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Surviving the new year slump

Jan 25 2013 14:27


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Cape Town - Each month has its own challenges for the entrepreneur, but the beginning of a new year always brings with it special and unique circumstances.

According to Christo Botes, a director at Business Partners, the first two months of a new year are especially tough for small businesses. “It may not always be possible to avoid the realities of a business cycle, but it is possible to plan and manage the effects of this difficult period.”

Botes highlights some of the key areas entrepreneurs need to pay special attention to during the first two months of a new year.

“The bottom line for small businesses will not be as high as a normal trading month due to fewer sales and transactions taking place.

"This can be attributed to low consumer spending, as the bulk of their disposable income would have been spent on holiday, away from their normal shopping areas.

“Consumers also usually have to make large payments for education in January, such as school and university fees, which would otherwise have been spent on other discretionary items.”

Botes adds that small businesses’ bottom lines are also significantly affected by other larger businesses closing their doors for the festive season.

“Many manufacturers, construction businesses and other service providers only start operating again during the second week of January. This means there is a two- or three-week period where these companies are not buying raw materials or goods and services from small businesses.

“Stock levels at the warehouses of wholesalers and manufacturers may also be low due to the three weeks of no manufacturing, which could limit supplies to retailers. This will then have a domino effect on small businesses sales as there isn’t stock to supply to the consumer.”

Botes says that during the month of February, small businesses also need to consider upcoming tax deadlines. 

“Many businesses have February year ends for accounting purposes and hence need to make their second company tax payment. Individuals, mainly business owners, are provisional taxpayers in their individual capacity and therefore need to also pay their second provisional tax payment by February 28.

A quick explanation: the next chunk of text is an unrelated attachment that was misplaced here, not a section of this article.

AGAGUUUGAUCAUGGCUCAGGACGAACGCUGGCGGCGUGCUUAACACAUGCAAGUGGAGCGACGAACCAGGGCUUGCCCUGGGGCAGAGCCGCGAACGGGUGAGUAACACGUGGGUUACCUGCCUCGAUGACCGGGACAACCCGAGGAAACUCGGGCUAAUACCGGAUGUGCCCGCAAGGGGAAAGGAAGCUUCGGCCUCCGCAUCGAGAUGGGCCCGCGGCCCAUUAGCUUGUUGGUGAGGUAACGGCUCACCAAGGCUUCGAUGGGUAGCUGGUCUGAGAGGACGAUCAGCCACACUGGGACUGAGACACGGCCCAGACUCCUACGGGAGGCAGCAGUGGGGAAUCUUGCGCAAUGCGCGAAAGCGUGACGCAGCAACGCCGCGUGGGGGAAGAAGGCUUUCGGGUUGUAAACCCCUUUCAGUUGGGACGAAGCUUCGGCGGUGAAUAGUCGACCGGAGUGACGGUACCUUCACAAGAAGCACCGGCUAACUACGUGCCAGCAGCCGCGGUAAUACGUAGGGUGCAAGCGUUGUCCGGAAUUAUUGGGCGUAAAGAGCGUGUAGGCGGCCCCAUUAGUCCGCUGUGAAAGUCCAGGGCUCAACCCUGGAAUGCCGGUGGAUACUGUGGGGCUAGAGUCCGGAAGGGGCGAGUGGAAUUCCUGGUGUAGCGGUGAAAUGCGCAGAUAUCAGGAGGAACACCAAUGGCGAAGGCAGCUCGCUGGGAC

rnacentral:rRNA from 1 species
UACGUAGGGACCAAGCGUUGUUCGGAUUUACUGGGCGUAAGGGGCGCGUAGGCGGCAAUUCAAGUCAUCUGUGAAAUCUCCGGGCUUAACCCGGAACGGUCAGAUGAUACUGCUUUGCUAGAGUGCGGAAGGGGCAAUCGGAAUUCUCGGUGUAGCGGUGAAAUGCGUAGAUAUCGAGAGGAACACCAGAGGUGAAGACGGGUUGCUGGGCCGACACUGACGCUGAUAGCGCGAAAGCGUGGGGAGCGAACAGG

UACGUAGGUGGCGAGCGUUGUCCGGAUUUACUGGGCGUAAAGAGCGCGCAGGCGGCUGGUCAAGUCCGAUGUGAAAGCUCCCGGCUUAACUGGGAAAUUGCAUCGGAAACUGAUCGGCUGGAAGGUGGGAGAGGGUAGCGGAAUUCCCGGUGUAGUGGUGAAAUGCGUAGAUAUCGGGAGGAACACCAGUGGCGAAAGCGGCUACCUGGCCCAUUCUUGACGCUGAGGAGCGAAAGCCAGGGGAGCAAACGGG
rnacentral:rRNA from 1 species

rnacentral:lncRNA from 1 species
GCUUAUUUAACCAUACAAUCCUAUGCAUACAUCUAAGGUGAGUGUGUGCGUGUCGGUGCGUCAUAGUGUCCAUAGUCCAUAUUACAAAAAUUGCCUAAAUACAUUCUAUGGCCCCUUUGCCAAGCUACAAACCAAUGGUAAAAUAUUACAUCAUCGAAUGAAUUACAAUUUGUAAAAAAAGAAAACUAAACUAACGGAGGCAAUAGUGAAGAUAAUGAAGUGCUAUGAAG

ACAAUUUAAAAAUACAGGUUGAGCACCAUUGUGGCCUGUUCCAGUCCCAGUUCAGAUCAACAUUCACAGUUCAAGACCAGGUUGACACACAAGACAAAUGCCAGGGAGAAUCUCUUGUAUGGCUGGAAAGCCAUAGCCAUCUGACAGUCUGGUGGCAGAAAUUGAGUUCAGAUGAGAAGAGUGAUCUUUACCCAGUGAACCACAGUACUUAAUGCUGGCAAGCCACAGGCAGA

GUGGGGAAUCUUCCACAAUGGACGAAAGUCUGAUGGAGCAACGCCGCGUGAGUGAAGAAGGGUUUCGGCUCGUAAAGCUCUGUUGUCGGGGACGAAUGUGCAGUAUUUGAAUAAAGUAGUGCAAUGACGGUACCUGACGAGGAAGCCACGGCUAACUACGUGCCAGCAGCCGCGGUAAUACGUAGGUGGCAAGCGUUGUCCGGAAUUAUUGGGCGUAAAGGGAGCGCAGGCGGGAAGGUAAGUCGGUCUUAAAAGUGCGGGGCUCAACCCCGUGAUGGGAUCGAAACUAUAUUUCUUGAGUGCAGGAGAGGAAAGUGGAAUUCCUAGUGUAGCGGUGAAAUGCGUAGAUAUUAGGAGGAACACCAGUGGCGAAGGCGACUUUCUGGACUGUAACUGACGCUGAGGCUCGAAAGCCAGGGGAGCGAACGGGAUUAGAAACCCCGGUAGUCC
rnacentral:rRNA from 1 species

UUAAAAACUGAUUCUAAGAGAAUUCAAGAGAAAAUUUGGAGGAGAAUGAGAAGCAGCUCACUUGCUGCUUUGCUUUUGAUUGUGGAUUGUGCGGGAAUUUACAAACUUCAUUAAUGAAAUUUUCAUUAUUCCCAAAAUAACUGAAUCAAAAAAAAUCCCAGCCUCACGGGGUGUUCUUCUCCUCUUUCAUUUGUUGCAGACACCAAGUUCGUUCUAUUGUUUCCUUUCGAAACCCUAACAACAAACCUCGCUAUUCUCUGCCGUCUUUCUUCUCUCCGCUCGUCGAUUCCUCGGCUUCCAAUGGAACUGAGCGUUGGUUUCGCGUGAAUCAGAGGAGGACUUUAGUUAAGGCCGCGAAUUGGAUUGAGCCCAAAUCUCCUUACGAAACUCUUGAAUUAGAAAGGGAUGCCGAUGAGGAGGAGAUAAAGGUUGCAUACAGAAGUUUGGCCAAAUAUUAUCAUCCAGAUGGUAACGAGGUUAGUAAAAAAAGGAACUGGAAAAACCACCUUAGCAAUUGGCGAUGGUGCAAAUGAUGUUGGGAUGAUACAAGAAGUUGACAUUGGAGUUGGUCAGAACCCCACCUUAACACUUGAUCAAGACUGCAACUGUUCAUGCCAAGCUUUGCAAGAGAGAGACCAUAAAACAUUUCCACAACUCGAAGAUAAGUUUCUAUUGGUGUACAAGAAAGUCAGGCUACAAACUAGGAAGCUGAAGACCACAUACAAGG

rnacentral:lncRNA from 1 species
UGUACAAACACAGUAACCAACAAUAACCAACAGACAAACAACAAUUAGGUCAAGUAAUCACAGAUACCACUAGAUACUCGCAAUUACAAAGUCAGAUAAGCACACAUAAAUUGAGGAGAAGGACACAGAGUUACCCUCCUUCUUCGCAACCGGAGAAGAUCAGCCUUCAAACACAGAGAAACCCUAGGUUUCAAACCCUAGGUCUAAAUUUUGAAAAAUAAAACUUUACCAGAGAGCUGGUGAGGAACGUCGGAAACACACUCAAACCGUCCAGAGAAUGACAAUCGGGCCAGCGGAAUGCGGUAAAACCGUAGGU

"This can potentially lead to cash flow pressure and implications for both the business and individual, as the businesses profits are not always reflected in the cash flow due to, for example, clients having not yet paid for the goods and services they bought from the business.

He says that creditor expenses could be very high over December and January, as businesses often purchase more stock than usual for the spending spree of shoppers from mid-November to the end of December.

“In January or February, these creditors move into the 30 or 60 days category and become due and payable.

“But while a business may reflect good sales over this period, not all this revenue would have been banked and be available for creditor payment.

"Part of the banked money could have been spent on staff bonuses and vacation costs, or there may be higher than normal debtors who are unable to pay within the terms, especially in January, due to their cash flow being under pressure also, which ultimately creates a ripple effect throughout the economy.”

Botes says it is crucial for entrepreneurs to understand their business cycle to avoid the pitfalls of these additional challenges.

“Entrepreneurs must plan their cash flow accordingly in order to provide for lower sale figures, lower debtors payments, bonus payments, lower stock levels at suppliers and provisional tax payment obligations.

“This can be done by saving capital in a call account in the normal trading months of the business, normally about nine to 10 months of the year, and making arrangements with your bank manager to have sufficient facilities available to continue trading.”

He adds that the business realities entrepreneurs must face, and probably the most important lesson in business, is that a business cycle and cash flow do not run according to a straight line.

“There will always be peaks and valleys within a year and over economic cycles. While entrepreneurs cannot predict these ups and downs, they can prepare for most of the possibilities to ensure they are covered for most scenarios they may face,” says Botes. 

 - Fin24

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